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Take to the lake for a moonlit ride
Kevin Seitz, left, and his daughter Callen paddle at the start of one of the Lanier Canoe and Kayak Club's Moonlight Paddles. The event starts in the evening and continues past sundown.


Kevin Seitz talks about Moonlight Paddles.

A moonlit stroll by the lake? Hey romantics, how about a moonlit paddle on it?

The Lanier Canoe and Kayak Club is offering Moonlight Paddles Friday night at the Lake Lanier Olympic Venue off Clarks Bridge Road.

Of course, couples may not have much privacy as the monthly event draws several club members, as well as about 30 to 35 nonmembers, said Kevin Seitz, club treasurer.

"A lot of families come out," he added. "... And we draw not just from the Gainesville area, so it's been pretty successful."

If you're interested, be there promptly at 7:30 p.m.; latecomers will be left on the shore.

"We can get (those showing up) matched up with a paddle and a boat, get their life jacket on and get everybody in the water between 8 and 8:30," Seitz said.

The event lasts until about 10 p.m.

"We like to get everybody out on the water while there is still some daylight, so they get used to (paddling on the lake) before throwing them right out in the dark," Seitz said.

The club started the event a couple of years ago as a way to involve the community in a lake activity.

"We light up the Olympic (finish) tower ... and along the water over by the boathouse," he said. "It just gives you a different way to see the lake. It's really peaceful and quiet, and the water is usually very calm, so it's easy to paddle."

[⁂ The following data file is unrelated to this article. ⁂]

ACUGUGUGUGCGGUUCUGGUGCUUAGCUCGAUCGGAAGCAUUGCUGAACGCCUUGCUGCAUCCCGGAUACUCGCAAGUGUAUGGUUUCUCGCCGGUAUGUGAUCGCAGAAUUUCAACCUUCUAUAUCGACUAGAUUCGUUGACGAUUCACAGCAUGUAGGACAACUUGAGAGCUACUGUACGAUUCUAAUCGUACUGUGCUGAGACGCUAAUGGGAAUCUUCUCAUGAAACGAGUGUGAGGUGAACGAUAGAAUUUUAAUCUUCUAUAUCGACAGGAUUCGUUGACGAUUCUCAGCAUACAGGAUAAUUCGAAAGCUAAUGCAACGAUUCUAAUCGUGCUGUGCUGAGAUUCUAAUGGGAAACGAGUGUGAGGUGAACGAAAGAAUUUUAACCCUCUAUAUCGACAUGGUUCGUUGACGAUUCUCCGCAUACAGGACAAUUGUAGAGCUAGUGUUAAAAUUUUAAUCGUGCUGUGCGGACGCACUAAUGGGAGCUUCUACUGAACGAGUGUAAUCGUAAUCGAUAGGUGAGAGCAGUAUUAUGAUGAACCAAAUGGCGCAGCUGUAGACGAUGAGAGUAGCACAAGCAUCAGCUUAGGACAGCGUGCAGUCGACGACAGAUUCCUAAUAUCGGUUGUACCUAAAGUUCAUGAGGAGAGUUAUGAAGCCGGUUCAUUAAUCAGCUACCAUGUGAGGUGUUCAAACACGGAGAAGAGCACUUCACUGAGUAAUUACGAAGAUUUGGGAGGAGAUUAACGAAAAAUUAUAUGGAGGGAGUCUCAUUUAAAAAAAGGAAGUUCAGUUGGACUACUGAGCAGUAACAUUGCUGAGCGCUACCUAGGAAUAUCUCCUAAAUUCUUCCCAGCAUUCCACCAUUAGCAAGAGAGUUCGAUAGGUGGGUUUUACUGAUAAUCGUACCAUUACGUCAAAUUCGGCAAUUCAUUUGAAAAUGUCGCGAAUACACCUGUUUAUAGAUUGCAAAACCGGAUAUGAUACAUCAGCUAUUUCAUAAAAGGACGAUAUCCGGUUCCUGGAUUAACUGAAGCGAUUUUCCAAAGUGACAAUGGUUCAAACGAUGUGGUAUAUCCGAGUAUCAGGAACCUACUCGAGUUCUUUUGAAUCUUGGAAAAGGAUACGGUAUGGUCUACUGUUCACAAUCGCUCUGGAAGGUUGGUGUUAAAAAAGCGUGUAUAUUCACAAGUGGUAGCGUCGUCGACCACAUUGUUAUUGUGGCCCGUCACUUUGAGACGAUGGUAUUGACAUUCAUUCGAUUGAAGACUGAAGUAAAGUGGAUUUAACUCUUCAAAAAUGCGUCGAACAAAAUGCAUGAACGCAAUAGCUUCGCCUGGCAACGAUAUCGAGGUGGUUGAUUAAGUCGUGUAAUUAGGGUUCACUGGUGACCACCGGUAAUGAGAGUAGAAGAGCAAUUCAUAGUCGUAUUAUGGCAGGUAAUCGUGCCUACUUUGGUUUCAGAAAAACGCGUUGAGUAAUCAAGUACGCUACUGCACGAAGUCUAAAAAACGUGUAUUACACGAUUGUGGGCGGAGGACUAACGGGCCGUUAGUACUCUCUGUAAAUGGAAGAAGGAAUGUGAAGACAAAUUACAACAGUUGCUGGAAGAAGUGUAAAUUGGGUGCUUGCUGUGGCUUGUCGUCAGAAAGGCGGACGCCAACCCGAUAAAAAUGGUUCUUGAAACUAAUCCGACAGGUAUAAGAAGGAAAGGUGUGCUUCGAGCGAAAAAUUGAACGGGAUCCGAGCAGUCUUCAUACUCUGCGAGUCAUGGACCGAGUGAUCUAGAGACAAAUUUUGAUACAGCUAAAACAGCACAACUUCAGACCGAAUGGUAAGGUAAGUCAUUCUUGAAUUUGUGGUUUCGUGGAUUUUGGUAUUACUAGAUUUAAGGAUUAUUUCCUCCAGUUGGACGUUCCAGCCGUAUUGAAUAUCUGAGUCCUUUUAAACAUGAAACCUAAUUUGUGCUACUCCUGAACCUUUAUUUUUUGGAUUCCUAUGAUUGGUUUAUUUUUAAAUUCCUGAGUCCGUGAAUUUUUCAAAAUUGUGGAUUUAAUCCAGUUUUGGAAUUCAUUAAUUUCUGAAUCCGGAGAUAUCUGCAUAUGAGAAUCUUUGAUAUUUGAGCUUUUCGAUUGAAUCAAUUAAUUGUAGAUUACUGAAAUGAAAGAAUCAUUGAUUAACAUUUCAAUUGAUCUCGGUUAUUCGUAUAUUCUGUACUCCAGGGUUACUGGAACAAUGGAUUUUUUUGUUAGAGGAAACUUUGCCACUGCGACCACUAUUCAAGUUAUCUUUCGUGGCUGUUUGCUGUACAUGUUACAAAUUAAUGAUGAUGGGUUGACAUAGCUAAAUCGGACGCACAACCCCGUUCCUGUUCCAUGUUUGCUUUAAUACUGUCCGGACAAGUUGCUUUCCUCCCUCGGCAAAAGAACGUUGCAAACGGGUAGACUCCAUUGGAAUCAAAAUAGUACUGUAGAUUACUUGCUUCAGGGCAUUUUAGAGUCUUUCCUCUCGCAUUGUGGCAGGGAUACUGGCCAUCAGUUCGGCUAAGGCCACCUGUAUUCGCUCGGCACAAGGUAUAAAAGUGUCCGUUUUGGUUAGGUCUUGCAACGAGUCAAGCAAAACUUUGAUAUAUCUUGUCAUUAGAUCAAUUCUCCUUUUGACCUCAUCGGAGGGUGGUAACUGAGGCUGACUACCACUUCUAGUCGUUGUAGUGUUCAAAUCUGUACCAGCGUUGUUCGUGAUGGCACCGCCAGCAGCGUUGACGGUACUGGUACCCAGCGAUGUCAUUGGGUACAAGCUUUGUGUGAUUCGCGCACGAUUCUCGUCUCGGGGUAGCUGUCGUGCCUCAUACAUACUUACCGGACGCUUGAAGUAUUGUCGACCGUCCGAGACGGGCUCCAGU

Plus, Seitz added, "there's not a lot of boat traffic at night."

Club members don't pay for the event, but there's a $15 charge for each nonmember to paddle.

Seitz said he paddles each month with his wife and two daughters.

"We really enjoy it," he said. "It's a great time to be on the lake and in the summertime, it's cooler. And we've been lucky this year - we really haven't had many bugs."

But he advises paddlers to spray on insect repellent and bring something to drink. There's no room, however, in the boats for a cooler.

Another member, Cheryl Smith, is a frequent paddler at the event.

"I just think it is so cool to be on the water at night," said Smith, Gainesville-based tourism representative for the Georgia Department of Economic Development. "There's such a peacefulness and a camaraderie (with other paddlers).

"It's just a neat group experience, or you can paddle a little bit away from everybody and enjoy the sights and sounds of the water at night."

The last paddle is set for Sept. 19. An October event may be scheduled, depending on interest and weather, Seitz said.

Regional events